Bladder pain syndrome (BPS) is often referred to as interstitial cystitis (IC), painful bladder syndrome (PBS) or chronic pelvic pain. This is a chronic condition causing mild to severe pain in the bladder and pelvic region. Even though the symptoms can sometimes resemble a urinary tract infection (UTI), the main point of difference would be that BPS/IC patients show no bacterial, fungal or viral cause for the infection. That is why antibiotics are inefficient in treating this condition. However, it is possible for a person suffering from BPS to develop a UTI, which makes symptoms even worse.
BPS mainly affects women, with only 10% of BPS cases being men*, and it can seriously harm one’s quality of life. Unfortunately there is no cure for this condition, however there are ways to manage symptoms and feel free again.
BPS/IC is recognised by three main symptoms:
- bladder pain or pressure
- urinary urgency
- urinary frequency.
These symptoms are individual - they can be mild to severe, can flare up depending on different factors (i e. stress, certain types of food or drinks, sex, exercise, menstruation, etc.), and can even disappear for a while.
The exact cause of BPS/IC is not known, but there are several factors which could cause damage to the protective GAG layer of the bladder, for example:
- Auto-immune reaction, where your immune system attacks the bladder tissue, mistaking it for an aggressor;
- Allergic reaction;
- As a side effect of conditions such as irritable bowel syndrome, fibromyalgia, lupus, and others.
These and other factors could cause damage to the GAG layer, therefore destroying the protective layer of the bladder. When this happens, the underlying tissue, including nerves and muscle fibres, are open to attack from aggressive substances in urine.
For physicians, this difficult chronic disease is a therapeutic challenge. Since the cause is not yet known, BPS/IC is diagnosed by exclusion. This means that your doctor will first exclude all other possible conditions. This is often easier said than done, as overlapping syndromes often complicate the diagnosis.
In order to confirm the diagnosis, your urology team may need to obtain your:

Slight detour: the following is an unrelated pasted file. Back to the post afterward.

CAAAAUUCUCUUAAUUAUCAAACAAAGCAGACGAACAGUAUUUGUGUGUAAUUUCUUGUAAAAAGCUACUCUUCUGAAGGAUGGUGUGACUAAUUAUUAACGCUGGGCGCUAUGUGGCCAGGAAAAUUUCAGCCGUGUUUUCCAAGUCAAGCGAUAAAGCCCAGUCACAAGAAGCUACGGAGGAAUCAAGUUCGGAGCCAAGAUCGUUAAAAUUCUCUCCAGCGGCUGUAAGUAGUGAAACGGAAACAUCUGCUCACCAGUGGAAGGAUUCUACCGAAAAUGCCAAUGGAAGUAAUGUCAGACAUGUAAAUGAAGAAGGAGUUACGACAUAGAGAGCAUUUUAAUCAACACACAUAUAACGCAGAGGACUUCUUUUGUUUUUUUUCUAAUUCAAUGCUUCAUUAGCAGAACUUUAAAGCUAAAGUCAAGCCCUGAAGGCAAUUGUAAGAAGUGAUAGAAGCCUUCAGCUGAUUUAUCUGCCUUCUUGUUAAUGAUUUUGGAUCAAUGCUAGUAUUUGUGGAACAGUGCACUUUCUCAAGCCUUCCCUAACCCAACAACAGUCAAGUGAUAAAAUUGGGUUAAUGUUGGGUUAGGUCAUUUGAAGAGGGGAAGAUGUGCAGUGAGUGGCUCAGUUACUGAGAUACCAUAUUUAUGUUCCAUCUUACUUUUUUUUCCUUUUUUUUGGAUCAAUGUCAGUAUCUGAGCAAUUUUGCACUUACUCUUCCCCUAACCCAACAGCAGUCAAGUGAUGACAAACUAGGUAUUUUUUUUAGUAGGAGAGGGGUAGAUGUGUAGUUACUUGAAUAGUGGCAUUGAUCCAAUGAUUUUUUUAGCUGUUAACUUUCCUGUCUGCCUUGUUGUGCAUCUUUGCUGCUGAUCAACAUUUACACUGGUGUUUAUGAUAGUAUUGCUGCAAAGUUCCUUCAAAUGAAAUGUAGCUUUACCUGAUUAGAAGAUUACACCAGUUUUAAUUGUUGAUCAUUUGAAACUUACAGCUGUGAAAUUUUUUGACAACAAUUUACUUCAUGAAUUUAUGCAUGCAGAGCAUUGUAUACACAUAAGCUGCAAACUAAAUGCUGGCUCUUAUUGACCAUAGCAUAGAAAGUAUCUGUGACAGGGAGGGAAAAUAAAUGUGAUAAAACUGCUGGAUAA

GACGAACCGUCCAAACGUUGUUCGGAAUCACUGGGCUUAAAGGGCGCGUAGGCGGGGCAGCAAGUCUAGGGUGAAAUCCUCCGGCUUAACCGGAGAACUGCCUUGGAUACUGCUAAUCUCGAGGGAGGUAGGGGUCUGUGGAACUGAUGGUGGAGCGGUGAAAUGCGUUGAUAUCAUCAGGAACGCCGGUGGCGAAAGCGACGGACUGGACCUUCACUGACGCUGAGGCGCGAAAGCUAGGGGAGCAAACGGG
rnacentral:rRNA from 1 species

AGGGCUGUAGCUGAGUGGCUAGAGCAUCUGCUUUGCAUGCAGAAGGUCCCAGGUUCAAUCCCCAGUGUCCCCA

- Medical history and bladder diary. You will be required to take note of your symptoms, how many times a day you had to pee, record your fluid intake, etc.
- Pelvic exam, which includes an external and internal exam.
- Urine culture test, to exclude a possibility of a UTI. Urine may also be analysed for bladder cancer cells.
- Cystoscopy results - this is a visual bladder examination through a cystoscope, a thin tube with a small camera at one end. The tube is inserted through your urethra into the bladder and allows your doctor or CNS to look for bladder lining damage. They may also measure your bladder capacity, or take a biopsy sample to exclude bladder cancer.
As mentioned previously, BPS/IC has no cure. However, there are many therapeutic options which could offer you relief and symptoms management:
- Lifestyle changes and physical therapy
Physical therapist can help you relieve pelvic pain caused by muscle tension or abnormalities. Additionally, there are many lifestyle changes which can help manage the symptoms and even prevent flareups.
- Oral medications, which include:
- OTC pain killers (paracetamol, ibuprofen)
- Prescription pain killers (gabapentin, pregabalin)
- Antihistamines (loratadine, cetrizine)
- Muscle relaxants (tolterodine, mirabegron)
- Antidepressants (amitriptyline)
- Pentosan polysulfate sodium which can help repair the GAG layer.
- GAG replenishment therapy through bladder instillations - 0.2% chondroitin sulphate (the active ingredient in Gepan) attaches itself to the damaged parts of the GAG layer. This way it temporarily coats the bladder wall, protecting it from aggressive substances in urine.
- Nerve stimulation (sacral nerve stimulation, transcutaneous electrical nerve stimulation (TENS))
- Bladder distention (bladder is stretched by injecting water during cystoscopy)
- In rare cases and as a final resort, your doctor may recommend surgery, which could mean:
- Burning off the ulcers in the bladder (fulguration)
- Cutting the ulcers out of the tissue (resection)
- Increasing bladder capacity by adding a piece of intestine onto its surface (augmentation)
- Removing the bladder.
How can Gepan help?
Gepan is clinically proven to be effective and well tolerated treatment for BPS/IC. In one study 92.3% of patients responded to treatment*, while in the other all patients felt relief in symptoms, with the average symptom score being improved by 73%*.
A long-term study published in January 2020, followed BPS patients on Gepan treatment. The patients received one instillation per week for a month, then continued with once-a-month instillations. At the end of the first month, 77% of patients felt improvement; and at the end of the year, 100% of patients felt mild to strong improvement.
Speak to your doctor about Gepan as treatment option for IC/BPS. You can download a patient information leaflet, or ask them to contact us for more information. If you have been taught how to self-instill, you can order Gepan directly from us.